Domaine Jean-Louis Chave Visit to Minnesota
When I attended the Domaine Jean-Louis Chave visit & tasting at Sunfish Cellars in August, I had no idea it would lead to something more. The lucky folks who attended enjoyed an evening with Erin Cannon Chave. Erin is married to Jean-Louis, the current head of this historic family of winegrowers from the Northern Rhone in France. Besides her many jobs at the winery, she is the US importer of their wines.
The Chave family has been making wine in the Northern Rhone in France since 1481. I was first introduced to the name when I read Kermit Lynch’s book Adventures on the Wine Route. Written in 1988, Kermit profiles the family through his time spent with Gerard, Jean-Louis’ father and the leader of the Domaine at that time. In fact, Erin was living in France, working for Kermit Lynch when she met Jean-Louis. And the rest, they say, is history.
Erin told us about the unique characteristics of Hermitage, St. Joseph, and Crozes-Hermitage. We learned about the Chave family’s very personal hands-on approach in the vineyards: “By hand or horse”. We learned about how Jean-Louis has taken on the task of re-claiming steep hillside vineyards in the St. Joseph apellation and the degree of patience required in such a task. Jean-Louis will not bottle a wine under the Domaine label unless the vines are a minimum of 20 years old. Reclaiming previously abandoned vineyards is not a task for an impatient winegrower!
Tasting – JL Chave Selections
We started the tasting by sampling wines from the Chave 2nd label, JL Chave selections. These are part of Chave’s small negocient operation, in which they purchase grapes from other winegrowers to make affordable wines which are ready to drink on release. JL Chave selections also include grapes from domaine vineyards where the vines are not yet 20 years old. Erin explained “these are the wines to drink while you are waiting for your domaine wines to mature”.
St. Joseph “Celeste” 2011 (white) ($31)
100% Rousanne, this wine was a warm lemon yellow color, and had a typical white Rhone rich mouthfeel. The granite soil the grapes are grown in lend a certain minerality in the flavor.
Côtes-du-Rhône “Mon Coeur” 2011 ($24)
CdR wines usually contain some mix of Grenache, Syrah & Mourvedre. Since they are grown over a large region, they can range from lean, fresh reds to very rich, almost raisiny. This wine comes from north facing vineyards, so it is lean and red fruit dominant. It is 60% Syrah and 40% Grenache. I thought it was almost tart, and I loved it!
Crozes-Hermitage “Silene” 2010 ($29)
Crozes-Hermitage wines can be a bit of a challenge for a wine drinker. The appellation was created with the intent of only allowing vineyards immediately adjacent to the famed Hermitage vineyards. Unfortunately, commercial interests were successful in defining “adjacent” very loosely. Instead of the steep vineyards facing the Rhone river, Crozes-Hermitage vineyards can be located in very large tracts of flat land in the general area. When you buy a CH, you don’t know whether you are getting a “baby” Hermitage grown on the steep hillsides, or a wine made from grapes in huge flat vineyards far away from the river. The JL Chave Selections Crozes-Hermitage comes only from the hillside plots, vines that are not as ideally situated as Hermitage vines, but still producing wines of character. Many of these vines are in Chave vineyards, but they are not yet 20 years old, so they stay in the JL Chave Selections label. The wines are 100% Syrah.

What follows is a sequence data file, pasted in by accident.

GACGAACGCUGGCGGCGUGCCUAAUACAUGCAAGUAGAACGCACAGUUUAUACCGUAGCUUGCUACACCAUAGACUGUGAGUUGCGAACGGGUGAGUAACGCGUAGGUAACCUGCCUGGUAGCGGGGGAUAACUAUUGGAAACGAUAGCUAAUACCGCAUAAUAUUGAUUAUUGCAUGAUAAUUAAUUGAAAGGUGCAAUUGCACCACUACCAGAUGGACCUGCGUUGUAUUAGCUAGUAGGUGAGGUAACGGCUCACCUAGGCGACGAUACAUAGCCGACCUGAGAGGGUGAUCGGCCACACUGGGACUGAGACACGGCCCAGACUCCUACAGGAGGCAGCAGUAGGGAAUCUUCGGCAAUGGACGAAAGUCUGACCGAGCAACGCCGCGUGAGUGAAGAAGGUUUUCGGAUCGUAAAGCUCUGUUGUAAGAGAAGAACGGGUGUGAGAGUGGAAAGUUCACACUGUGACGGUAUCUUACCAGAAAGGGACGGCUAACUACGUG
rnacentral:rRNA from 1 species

Tasting – Domaine Jean-Louis Chave
Next we moved to the main event, tasting the domaine labeled wines. Erin stressed that all Chave wines are intended for the table; they shine with food. To that end, Sunfish Cellars Wine & Cheese Bar provided some food to sample with our wines. Nice!
Domaine Jean-Louis Chave St. Joseph Rouge 2010 ($59)
Estate grown from hillside vineyards reclaimed from an abandoned state, these wines are made very traditionally. They are foot trodden and vinified in open barrels. They spend 2 years in cask and/or barrel. They are bottled unfiltered and fined only if necessary. This wine was dark and but still translucent in the glass and was very nice and smooth. I won some brownie points because I told Erin I thought I smelled an evergreen note. She smiled and said there is a cedar grove next to the vineyard!
Domaine Jean-Louis Chave Hermitage Rouge 2008 ($199)
You can tell from the price tag that the Hermitage wines are not for your typical Tuesday evening pot roast. In fact, if you don’t age them for at least a few years, you probably won’t enjoy everything they have to offer. That being said, this was a wonderful wine. The red is 100% Syrah, but it is a blend from multiple different domaine vineyards with different soils and exposure. Even though young, it had an aroma that was so intriguing, and the flavor was so nice and balanced. I’d love to taste one that had been cellared for a few years.
Domaine Jean-Louis Chave Hermitage Blanc 2010 ($229)
Chave Hermitage Blanc was one of Thomas Jefferson’s two favorite wines, based on his writings. A blend of Marsanne and Rousanne, this wine has a rich texture. Erin explained it isn’t built on acid. A very rich white wine but not oaky, this would go wonderfully with a wide variety of dishes based on a cream sauce. Erin also explained that it shouldn’t be served too cold, ditch the ice bucket!
I never expected the evening tasting to extend beyond the evening in Minnesota. To my surprise, there is a second chapter in this story. Stay tuned!
If you’d like to know more about the reclaimed vineyards in St. Joseph, Eric Asimov wrote a nice piece in the New York Times earlier this year.
Bill Ward, a writer for the Minneapolis Star-Tribune also attended the tasting, his blog writeup is here.
Many thanks to Sunfish Cellars for hosting and especially to Erin Cannon Chave for sharing the family story and their wonderful wines!